A trade fair is usually conceived of as an exhibition of manageable size, where some experts present very special products which are then critically examined by a moderate number of visitors. The Intersolar isn’t like that.
Instead, it is large, colourful, aimed at both consumers and professionals, and offers a host of interesting products and services from the entire energy industry, as the original solar show has now been expanded to include energy storage, electromobility and charging infrastructure.
Intersolar Europe is – according to the organiser – “the world’s leading trade fair for the solar industry and its partners”. A few years ago, when the steady growth of the industry gave way to a wave of bankruptcies, Solar Promotion, the organiser of this event, was looking for new topics that could absorb the decline in exhibitor and visitor numbers. They were found both in electric mobility and in energy storage. The team led by Managing Director Markus Elsässer thus initially integrated battery technology as well as power-to-gas and later also electric cars and charging stations.
The Pforzheim-based event company created “The smarter E Europe” from this quad-constellation. Behind this somewhat cumbersome term today are the Intersolar Europe, electrical energy storage Europe (ees), Power2Drive Europe (p2d) and EM-Power. This time, they came together in ten exhibition halls at the Munich Exhibition Centre, with a total of 1,354 exhibitors (2018: 1,172) and 100,000 m2 with 50,000 visitors. There were 250 presenting institutions at the ees trade fair alone.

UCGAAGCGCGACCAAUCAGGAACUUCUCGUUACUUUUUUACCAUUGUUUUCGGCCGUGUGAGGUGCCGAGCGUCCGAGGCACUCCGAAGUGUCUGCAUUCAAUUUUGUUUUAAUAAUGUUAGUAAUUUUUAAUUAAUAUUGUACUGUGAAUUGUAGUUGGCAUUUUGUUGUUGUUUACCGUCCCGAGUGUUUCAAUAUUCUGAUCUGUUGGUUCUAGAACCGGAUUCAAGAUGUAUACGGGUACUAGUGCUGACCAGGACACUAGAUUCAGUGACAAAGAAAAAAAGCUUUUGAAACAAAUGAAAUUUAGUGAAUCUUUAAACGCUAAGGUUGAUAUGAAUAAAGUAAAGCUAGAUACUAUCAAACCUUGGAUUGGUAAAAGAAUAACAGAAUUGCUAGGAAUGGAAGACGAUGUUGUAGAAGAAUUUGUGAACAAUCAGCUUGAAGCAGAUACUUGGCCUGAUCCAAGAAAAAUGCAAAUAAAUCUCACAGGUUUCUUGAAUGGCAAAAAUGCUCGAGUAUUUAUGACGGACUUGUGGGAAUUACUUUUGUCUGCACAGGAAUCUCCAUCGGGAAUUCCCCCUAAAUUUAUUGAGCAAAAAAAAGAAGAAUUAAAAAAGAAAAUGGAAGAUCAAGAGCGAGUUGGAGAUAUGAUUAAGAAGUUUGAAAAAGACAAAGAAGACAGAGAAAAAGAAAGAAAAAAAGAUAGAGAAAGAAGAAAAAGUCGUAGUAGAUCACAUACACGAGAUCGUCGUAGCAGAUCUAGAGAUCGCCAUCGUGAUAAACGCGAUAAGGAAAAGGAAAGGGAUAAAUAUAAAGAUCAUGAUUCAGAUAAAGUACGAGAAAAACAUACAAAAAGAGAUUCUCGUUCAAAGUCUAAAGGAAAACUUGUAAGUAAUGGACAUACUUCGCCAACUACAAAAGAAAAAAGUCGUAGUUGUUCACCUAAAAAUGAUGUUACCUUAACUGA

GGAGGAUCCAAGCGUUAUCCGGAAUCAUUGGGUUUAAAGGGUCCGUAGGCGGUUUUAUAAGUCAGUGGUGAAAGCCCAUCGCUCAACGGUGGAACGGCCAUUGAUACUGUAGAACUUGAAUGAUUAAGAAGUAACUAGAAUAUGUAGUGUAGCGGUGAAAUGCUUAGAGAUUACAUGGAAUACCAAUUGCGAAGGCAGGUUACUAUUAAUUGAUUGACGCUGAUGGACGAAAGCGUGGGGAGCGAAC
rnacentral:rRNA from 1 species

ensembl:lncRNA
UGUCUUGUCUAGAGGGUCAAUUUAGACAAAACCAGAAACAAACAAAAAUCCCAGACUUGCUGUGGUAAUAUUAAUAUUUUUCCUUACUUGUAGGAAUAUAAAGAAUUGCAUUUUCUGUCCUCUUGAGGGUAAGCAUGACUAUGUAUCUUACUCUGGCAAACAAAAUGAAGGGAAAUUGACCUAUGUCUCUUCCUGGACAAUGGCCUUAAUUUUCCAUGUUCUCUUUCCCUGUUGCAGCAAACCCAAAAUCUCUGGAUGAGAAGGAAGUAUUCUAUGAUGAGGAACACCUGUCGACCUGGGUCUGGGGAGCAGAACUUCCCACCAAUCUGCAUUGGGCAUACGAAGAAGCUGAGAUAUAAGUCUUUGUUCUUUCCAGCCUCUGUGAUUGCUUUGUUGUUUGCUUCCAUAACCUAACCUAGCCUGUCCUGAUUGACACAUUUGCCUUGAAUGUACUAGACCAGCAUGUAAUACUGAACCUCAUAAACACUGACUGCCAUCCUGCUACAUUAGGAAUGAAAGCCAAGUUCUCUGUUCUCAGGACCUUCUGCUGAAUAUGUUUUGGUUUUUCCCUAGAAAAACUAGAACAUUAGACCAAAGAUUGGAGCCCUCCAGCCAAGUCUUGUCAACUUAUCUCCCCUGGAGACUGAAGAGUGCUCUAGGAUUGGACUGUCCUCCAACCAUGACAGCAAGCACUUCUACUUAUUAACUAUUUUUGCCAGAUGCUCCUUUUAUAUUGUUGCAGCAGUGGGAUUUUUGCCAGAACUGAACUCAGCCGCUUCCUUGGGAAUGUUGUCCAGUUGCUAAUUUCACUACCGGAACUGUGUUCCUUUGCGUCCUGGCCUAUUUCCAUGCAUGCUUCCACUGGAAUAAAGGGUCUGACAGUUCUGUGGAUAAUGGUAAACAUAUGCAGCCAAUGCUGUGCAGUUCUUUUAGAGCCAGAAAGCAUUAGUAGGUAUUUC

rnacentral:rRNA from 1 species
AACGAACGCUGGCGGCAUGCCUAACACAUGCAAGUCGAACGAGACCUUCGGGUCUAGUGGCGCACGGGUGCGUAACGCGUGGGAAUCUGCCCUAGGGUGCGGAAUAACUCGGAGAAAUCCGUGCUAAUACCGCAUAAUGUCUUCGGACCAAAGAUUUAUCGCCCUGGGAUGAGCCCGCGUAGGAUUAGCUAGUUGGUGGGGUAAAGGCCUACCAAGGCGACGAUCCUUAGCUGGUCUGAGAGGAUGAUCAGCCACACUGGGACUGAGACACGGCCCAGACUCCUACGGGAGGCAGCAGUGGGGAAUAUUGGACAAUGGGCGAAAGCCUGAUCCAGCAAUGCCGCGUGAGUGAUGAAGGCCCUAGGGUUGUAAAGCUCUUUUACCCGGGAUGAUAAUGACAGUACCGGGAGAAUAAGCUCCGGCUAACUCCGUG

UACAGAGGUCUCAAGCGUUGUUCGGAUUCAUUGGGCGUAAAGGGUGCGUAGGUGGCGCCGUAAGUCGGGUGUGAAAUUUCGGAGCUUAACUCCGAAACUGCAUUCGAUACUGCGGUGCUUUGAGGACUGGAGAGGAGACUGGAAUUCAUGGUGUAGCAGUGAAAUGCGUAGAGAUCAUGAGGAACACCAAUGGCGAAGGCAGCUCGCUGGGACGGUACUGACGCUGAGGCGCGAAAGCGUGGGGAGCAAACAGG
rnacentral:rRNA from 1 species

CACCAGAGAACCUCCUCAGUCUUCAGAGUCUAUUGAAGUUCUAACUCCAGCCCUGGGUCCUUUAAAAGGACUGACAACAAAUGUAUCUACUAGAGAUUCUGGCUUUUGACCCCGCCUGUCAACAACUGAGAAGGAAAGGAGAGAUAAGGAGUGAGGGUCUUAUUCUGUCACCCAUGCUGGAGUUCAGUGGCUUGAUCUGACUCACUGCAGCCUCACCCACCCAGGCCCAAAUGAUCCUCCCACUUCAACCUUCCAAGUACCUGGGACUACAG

As in the previous year, there was a special area in Hall C2 where mainly the H2 and FC companies, which were already represented at many energy trade fairs, gathered – right next to the Tesla stand. Companies such as Siqens were also present, in this case at the Bayern-innovativ stand. The Southern German company, which has now grown to 22 employees, presented a commercially available, self-sufficient energy supply unit that has a high-temperature fuel cell but uses methanol instead of hydrogen as an energy storage medium.
read more in H2-international July 2019